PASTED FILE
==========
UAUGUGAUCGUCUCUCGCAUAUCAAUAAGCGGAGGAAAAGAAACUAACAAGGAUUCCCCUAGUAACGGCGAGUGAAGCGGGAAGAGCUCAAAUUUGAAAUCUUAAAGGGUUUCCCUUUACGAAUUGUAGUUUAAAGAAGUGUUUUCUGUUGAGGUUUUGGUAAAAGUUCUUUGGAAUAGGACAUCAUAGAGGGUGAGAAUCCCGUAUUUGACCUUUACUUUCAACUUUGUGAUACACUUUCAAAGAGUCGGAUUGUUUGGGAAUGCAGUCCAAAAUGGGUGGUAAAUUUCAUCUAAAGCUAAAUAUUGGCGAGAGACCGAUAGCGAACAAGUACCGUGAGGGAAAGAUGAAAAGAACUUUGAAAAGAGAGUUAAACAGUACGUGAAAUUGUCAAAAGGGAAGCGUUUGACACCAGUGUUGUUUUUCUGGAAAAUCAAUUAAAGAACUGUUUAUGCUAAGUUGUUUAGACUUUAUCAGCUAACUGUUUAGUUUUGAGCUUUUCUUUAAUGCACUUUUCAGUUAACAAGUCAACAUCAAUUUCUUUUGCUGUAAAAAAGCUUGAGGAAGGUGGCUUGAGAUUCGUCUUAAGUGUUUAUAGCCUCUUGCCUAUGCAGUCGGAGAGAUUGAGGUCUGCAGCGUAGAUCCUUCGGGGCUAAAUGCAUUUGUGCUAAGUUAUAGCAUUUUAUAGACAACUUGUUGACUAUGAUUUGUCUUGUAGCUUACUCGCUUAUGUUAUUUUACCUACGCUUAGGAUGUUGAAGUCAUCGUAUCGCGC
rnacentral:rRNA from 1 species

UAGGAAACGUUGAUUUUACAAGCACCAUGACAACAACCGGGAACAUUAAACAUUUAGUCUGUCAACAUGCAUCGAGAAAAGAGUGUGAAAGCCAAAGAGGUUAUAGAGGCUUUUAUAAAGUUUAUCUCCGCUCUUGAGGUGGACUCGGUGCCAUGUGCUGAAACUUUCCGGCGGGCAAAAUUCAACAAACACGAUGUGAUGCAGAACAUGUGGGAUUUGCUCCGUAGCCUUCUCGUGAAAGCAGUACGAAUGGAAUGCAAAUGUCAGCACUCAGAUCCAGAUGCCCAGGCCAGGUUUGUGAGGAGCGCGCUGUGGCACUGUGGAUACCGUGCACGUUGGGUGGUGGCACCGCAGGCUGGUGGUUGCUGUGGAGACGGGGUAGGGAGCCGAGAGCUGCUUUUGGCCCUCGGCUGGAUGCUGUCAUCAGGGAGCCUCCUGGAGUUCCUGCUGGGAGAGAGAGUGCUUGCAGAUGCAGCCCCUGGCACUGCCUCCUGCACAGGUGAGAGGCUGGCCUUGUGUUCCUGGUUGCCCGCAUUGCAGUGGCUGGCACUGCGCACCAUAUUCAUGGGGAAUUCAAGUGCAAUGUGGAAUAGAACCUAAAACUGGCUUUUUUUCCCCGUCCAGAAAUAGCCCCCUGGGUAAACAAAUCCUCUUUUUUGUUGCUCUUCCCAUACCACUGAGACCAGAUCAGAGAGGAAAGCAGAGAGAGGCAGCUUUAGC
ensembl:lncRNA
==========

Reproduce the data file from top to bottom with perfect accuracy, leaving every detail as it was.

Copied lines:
UAUGUGAUCGUCUCUCGCAUAUCAAUAAGCGGAGGAAAAGAAACUAACAAGGAUUCCCCUAGUAACGGCGAGUGAAGCGGGAAGAGCUCAAAUUUGAAAUCUUAAAGGGUUUCCCUUUACGAAUUGUAGUUUAAAGAAGUGUUUUCUGUUGAGGUUUUGGUAAAAGUUCUUUGGAAUAGGACAUCAUAGAGGGUGAGAAUCCCGUAUUUGACCUUUACUUUCAACUUUGUGAUACACUUUCAAAGAGUCGGAUUGUUUGGGAAUGCAGUCCAAAAUGGGUGGUAAAUUUCAUCUAAAGCUAAAUAUUGGCGAGAGACCGAUAGCGAACAAGUACCGUGAGGGAAAGAUGAAAAGAACUUUGAAAAGAGAGUUAAACAGUACGUGAAAUUGUCAAAAGGGAAGCGUUUGACACCAGUGUUGUUUUUCUGGAAAAUCAAUUAAAGAACUGUUUAUGCUAAGUUGUUUAGACUUUAUCAGCUAACUGUUUAGUUUUGAGCUUUUCUUUAAUGCACUUUUCAGUUAACAAGUCAACAUCAAUUUCUUUUGCUGUAAAAAAGCUUGAGGAAGGUGGCUUGAGAUUCGUCUUAAGUGUUUAUAGCCUCUUGCCUAUGCAGUCGGAGAGAUUGAGGUCUGCAGCGUAGAUCCUUCGGGGCUAAAUGCAUUUGUGCUAAGUUAUAGCAUUUUAUAGACAACUUGUUGACUAUGAUUUGUCUUGUAGCUUACUCGCUUAUGUUAUUUUACCUACGCUUAGGAUGUUGAAGUCAUCGUAUCGCGC
rnacentral:rRNA from 1 species

UAGGAAACGUUGAUUUUACAAGCACCAUGACAACAACCGGGAACAUUAAACAUUUAGUCUGUCAACAUGCAUCGAGAAAAGAGUGUGAAAGCCAAAGAGGUUAUAGAGGCUUUUAUAAAGUUUAUCUCCGCUCUUGAGGUGGACUCGGUGCCAUGUGCUGAAACUUUCCGGCGGGCAAAAUUCAACAAACACGAUGUGAUGCAGAACAUGUGGGAUUUGCUCCGUAGCCUUCUCGUGAAAGCAGUACGAAUGGAAUGCAAAUGUCAGCACUCAGAUCCAGAUGCCCAGGCCAGGUUUGUGAGGAGCGCGCUGUGGCACUGUGGAUACCGUGCACGUUGGGUGGUGGCACCGCAGGCUGGUGGUUGCUGUGGAGACGGGGUAGGGAGCCGAGAGCUGCUUUUGGCCCUCGGCUGGAUGCUGUCAUCAGGGAGCCUCCUGGAGUUCCUGCUGGGAGAGAGAGUGCUUGCAGAUGCAGCCCCUGGCACUGCCUCCUGCACAGGUGAGAGGCUGGCCUUGUGUUCCUGGUUGCCCGCAUUGCAGUGGCUGGCACUGCGCACCAUAUUCAUGGGGAAUUCAAGUGCAAUGUGGAAUAGAACCUAAAACUGGCUUUUUUUCCCCGUCCAGAAAUAGCCCCCUGGGUAAACAAAUCCUCUUUUUUGUUGCUCUUCCCAUACCACUGAGACCAGAUCAGAGAGGAAAGCAGAGAGAGGCAGCUUUAGC
ensembl:lncRNA